During a meeting of the New York Pathological Society in 1872, a local physician called Dr Post gave a short talk about one of his patients, who had discovered a highly novel method of injuring himself:
On the 9th August, 1872, I was requested to see Mr. B., a young man 19 years of age, who, about four months before, in jumping over a broomstick, had become impaled…
Had he really been ‘jumping over a broomstick’? I suspect many emergency medics would roll their eyes if offered this explanation for a rectal injury.
…the stick entering the anus without any external wound, and penetrating the bladder, so that the urine was discharged by the rectum.
A nasty-sounding injury.
A hole, an inch in length and three-quarters of an inch in breadth, with loss of substance, was found in the seat of his pantaloon!
Annoying, no doubt, but the damage to his trousers was the least of the young man’s concerns.
The injury was followed by a severe attack of peritonitis, which yielded to full doses of morphia.
If it really was peritonitis (inflammation of the membrane around the viscera, usually caused by an infection) he was lucky to survive.
The bladder was left in an irritable condition, and his physician, in attempting to introduce an instrument through the urethra, was unable to pass it much beyond an inch from the external orifice. The patient denied ever having suffered from any disease or injury of the urethra. He said that he had never passed his urine in a full stream, but had not been aware that he was different from other boys in that respect.
Dr Post now visited the patient for the first time, and found that the young man had a stricture – a congenital narrowing of the urethra. This he was able to treat by using a tiny blade to cut through the obstruction. But this wasn’t quite the end of the case:
On the 29th August, the doctor called on me to say that the urethra remained free at the seat of the stricture…The operation had scarcely been followed by any irritation at the seat of the incision but he had discovered a calculus in the bladder, and the organ continued very irritable, so that be passed his urine very frequently, with much pain, and small quantities at a time.
Frustrating. The patient now had a bladder stone which was severely curtailing his recovery. But that wasn’t all – he had developed an unwanted curve in an intimate part of his anatomy.
I visited the patient, and found that some longitudinal contraction had taken place at the seat of the incision which I had made in dividing the stricture, giving to that portion of the penis a curvature with downward concavity, constituting a sort of chordee without erection.
Chordee is an abnormal curvature of the head of the penis, usually congenital. In this case, the formation of scar tissue had contracted the tissues asymmetrically.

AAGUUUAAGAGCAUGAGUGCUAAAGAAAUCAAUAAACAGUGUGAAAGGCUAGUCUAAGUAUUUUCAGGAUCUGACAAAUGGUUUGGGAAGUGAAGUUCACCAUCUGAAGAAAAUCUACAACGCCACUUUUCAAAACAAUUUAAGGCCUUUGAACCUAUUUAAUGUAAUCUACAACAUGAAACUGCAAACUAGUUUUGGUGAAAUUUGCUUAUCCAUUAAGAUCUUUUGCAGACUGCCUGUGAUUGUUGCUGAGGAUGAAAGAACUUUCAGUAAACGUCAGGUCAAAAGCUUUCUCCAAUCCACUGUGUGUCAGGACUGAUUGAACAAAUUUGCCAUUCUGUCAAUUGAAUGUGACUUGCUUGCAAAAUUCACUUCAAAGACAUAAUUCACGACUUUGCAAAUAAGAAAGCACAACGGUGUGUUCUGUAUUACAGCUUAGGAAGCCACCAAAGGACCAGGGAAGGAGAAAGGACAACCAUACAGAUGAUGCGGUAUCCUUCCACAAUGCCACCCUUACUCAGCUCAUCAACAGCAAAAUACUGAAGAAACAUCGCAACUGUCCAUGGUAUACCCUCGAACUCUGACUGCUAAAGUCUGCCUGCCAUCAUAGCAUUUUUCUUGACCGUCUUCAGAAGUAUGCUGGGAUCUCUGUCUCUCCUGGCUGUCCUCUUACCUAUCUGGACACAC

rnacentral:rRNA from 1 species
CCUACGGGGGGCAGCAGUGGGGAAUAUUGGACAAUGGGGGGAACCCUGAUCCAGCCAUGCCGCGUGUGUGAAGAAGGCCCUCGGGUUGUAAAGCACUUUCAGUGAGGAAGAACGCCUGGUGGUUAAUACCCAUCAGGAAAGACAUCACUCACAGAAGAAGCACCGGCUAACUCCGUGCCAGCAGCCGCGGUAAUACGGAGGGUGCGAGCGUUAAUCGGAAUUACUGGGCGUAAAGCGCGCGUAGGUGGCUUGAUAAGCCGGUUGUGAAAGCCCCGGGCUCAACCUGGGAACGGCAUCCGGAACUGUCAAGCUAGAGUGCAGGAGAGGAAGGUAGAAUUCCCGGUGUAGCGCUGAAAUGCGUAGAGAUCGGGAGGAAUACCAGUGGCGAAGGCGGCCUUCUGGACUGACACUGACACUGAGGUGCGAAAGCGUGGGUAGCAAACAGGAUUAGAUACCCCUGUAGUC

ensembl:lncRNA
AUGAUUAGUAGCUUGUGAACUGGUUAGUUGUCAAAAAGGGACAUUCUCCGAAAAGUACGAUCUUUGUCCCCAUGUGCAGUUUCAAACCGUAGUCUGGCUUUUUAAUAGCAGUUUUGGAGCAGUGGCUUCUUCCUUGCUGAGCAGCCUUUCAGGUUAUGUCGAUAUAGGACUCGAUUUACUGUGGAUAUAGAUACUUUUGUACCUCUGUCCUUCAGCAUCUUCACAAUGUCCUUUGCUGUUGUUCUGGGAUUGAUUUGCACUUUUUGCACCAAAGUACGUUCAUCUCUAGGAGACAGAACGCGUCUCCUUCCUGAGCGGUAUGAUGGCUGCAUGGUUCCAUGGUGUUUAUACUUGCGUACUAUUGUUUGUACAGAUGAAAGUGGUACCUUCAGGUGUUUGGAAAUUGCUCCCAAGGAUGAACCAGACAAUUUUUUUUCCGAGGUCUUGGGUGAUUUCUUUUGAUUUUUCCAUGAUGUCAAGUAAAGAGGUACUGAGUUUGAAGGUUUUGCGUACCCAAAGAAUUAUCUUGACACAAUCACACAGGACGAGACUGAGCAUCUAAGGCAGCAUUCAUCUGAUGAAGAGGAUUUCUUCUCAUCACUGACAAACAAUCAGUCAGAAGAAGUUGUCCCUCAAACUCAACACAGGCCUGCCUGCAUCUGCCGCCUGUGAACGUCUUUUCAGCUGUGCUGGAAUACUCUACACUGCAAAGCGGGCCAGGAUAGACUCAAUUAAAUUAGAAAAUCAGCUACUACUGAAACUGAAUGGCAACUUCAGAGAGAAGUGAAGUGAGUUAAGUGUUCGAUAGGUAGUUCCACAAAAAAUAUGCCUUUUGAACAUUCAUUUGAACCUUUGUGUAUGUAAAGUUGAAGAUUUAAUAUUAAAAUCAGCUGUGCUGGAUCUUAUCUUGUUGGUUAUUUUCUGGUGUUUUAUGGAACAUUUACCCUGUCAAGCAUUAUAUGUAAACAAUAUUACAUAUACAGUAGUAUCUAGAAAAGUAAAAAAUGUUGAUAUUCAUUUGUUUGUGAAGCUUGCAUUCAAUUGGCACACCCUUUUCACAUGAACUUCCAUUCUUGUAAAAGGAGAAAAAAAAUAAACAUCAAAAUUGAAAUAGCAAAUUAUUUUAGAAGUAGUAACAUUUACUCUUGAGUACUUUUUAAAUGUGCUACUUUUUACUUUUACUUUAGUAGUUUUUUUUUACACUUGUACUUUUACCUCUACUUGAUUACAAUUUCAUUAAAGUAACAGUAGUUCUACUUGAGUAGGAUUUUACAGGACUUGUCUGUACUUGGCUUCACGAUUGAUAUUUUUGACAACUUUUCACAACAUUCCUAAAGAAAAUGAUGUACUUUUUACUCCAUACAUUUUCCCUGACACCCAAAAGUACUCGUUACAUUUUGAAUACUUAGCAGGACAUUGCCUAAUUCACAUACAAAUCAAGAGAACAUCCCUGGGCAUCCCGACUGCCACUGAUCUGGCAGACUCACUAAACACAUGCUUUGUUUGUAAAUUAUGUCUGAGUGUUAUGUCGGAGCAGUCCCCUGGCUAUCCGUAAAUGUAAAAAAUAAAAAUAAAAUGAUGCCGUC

Dr Post wanted to insert an instrument known as a lithotrite to crush the bladder stone, but doing so through the distorted penis took some ingenuity. Eventually, however, he managed it.
I passed into the bladder a medium-sized duck-bill lithotrite.
This was a long, thin instrument with jaws vaguely resembling a duck’s bill:
Although the bladder was contracted on the stone, and contained very little urine, I had no great difficulty in seizing the stone by a diameter of three-quarters of an inch. As the stone was of soft consistence, it was easily crushed.
Over the course of the next week, Dr Post repeated the operation several times – not a particularly enjoyable experience for the patient. Each time he crushed the stone or its fragments, hoping that the tiny particles would be washed out with the patient’s urine. On 6 September, the doctor made a breakthrough:
I introduced the lithotrite, and grasped a foreign body, which I removed with considerable difficulty, and found to be a piece of cashmere from his pantaloons— the piece which the end of the broomstick had carried into the bladder.
That’s right: the doctor succeeded in removing a fairly large piece of the patient’s trousers from inside his bladder! After this unusual therapeutic procedure the patient’s recovery continued apace. For the next fortnight he continued to pass fragments of stone in his urine, but by the time of the doctor’s final visit on 14 September he was almost back to full health.
When Dr Post had finished talking about this case, one of his colleagues revealed that he had also heard of a similarly wince-inducing case:
Dr. Buck remarked that having had occasion to attend a case in Hudson, N.Y., a surgeon of that place related an instance where the same sort of rupture of the bladder had occurred, as the result of an attempt to leap over a churn. The churn tilted at the wrong time, the handle of which found its way into the rectum and thence into the bladder.
Got it? Leaping over broomsticks and milk churns is a Bad Idea.